U.S. merchants traded with the Dutch colony of Indonesia for many years, and the first U.S. consular post was established in Jakarta in 1801. In 1949 Indonesia won its independence from the Netherlands and the United States recognized it, establishing formal diplomatic relations that same year. The current U.S. Embassy compound in Jakarta opened in 1958. Besides the embassy, the United States operates embassies in Bali, Surabaya, Medan, and the U.S. Mission to ASEAN.
U.S.-Indonesia relations have taken on increasing importance. Indonesia is the world’s third largest democracy, has the largest Muslim-majority population, is the tenth-largest economy in the world by purchasing power, and possesses the world’s greatest marine biodiversity and its second greatest terrestrial biodiversity. Indonesia also borders the South China Sea, which has the world’s busiest sea lanes — trillions in cargo and as much as 50 percent of the world’s oil tankers pass through the South China Sea every year. Indonesia’s democratization and reform process since 1998 has increased its stability and security, and resulted in strengthened U.S.-Indonesia relations.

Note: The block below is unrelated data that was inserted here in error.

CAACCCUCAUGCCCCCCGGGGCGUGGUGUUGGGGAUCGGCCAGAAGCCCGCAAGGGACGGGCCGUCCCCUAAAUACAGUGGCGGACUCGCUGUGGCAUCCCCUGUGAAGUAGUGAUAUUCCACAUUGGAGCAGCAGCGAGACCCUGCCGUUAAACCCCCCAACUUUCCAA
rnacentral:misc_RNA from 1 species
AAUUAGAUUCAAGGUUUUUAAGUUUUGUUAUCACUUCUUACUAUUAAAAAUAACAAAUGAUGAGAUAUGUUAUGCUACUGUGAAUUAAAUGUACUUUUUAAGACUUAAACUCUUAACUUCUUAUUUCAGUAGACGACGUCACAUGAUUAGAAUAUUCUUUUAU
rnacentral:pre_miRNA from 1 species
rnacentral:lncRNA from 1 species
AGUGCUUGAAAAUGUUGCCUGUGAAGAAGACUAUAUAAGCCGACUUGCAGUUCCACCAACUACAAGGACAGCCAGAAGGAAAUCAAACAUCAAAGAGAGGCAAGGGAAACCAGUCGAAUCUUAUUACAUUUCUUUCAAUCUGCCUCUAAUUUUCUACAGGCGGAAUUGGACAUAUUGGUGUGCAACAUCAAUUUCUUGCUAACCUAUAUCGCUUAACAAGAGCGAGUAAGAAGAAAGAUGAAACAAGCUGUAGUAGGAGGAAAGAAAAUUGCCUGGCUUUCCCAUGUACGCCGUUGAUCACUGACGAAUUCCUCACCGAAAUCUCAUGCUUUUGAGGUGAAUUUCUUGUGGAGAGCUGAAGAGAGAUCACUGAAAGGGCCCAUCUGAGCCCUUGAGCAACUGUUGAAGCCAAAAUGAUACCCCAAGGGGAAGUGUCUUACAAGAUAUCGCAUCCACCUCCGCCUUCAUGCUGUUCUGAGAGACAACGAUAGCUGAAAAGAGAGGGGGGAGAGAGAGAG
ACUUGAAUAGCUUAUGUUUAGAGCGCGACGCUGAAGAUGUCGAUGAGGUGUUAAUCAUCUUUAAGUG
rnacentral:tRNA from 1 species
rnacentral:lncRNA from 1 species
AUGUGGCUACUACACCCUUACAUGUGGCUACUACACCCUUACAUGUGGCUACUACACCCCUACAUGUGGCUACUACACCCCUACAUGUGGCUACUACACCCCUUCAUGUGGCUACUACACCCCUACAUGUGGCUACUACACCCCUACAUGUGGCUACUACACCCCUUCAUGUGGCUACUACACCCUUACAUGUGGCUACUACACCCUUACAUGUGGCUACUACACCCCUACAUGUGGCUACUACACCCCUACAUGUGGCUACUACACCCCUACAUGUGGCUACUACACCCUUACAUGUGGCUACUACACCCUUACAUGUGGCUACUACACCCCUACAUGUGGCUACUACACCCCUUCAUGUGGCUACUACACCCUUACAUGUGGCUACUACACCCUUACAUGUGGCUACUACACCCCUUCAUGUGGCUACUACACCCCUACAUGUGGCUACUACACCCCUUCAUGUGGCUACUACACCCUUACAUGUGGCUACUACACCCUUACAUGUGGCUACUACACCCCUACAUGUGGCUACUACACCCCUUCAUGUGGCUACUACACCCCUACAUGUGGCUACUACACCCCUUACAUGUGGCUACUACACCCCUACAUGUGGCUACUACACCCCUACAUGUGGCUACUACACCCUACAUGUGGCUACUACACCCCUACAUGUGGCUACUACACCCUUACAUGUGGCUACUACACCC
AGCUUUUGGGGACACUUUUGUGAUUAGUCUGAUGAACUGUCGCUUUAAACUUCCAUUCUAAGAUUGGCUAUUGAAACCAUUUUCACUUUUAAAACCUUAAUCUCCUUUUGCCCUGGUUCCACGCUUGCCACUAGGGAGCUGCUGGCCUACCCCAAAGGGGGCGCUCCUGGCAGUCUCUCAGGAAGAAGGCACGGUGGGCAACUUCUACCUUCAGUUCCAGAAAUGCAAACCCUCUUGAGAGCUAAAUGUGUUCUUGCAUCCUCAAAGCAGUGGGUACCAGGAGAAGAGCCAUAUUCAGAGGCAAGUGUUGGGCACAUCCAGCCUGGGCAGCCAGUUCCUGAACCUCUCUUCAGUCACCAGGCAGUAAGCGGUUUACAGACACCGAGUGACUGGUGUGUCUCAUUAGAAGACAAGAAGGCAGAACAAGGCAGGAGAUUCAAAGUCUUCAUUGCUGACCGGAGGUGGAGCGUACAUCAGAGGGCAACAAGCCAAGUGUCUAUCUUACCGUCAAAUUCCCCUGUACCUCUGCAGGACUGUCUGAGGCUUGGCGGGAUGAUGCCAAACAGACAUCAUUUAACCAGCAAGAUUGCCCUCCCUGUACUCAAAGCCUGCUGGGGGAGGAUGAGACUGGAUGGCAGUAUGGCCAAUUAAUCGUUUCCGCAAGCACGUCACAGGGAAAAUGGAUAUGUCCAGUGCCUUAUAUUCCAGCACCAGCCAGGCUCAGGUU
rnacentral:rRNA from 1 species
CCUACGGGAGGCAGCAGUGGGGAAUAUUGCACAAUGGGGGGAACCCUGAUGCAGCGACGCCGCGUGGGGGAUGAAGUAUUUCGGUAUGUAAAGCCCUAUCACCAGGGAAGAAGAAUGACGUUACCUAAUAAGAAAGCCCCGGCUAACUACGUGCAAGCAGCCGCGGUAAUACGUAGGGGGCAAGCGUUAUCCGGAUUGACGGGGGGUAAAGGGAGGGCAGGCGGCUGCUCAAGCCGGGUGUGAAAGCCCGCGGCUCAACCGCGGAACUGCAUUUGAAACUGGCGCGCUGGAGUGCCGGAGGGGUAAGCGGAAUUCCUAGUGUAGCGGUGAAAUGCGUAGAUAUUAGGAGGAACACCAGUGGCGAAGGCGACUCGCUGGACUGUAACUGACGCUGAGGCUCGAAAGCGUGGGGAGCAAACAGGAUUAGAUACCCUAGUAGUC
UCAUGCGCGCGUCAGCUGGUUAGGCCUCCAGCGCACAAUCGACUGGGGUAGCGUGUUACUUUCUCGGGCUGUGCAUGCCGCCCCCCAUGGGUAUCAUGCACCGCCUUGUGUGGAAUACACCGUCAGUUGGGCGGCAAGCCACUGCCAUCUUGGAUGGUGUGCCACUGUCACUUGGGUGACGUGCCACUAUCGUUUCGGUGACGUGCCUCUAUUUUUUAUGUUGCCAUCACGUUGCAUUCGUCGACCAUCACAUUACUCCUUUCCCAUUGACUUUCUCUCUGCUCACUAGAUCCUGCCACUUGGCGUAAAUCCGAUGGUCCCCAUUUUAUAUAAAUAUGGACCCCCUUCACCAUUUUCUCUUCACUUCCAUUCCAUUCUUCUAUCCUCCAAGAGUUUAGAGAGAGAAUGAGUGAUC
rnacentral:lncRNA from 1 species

Principal U.S. exports to Indonesia include transportation equipment, including aircraft, food and agricultural products, machinery and equipment, and chemicals. However, there are significant challenges to our bilateral economic relationship: the implementation of protectionist laws, limited infrastructure, and an unevenly applied legal structure. For more information on the ambassador and the U.S. relationship with the country, click here.
Source, United States, Department of State, Office of the Historian and Bureau of East Asian and Pacific Affairs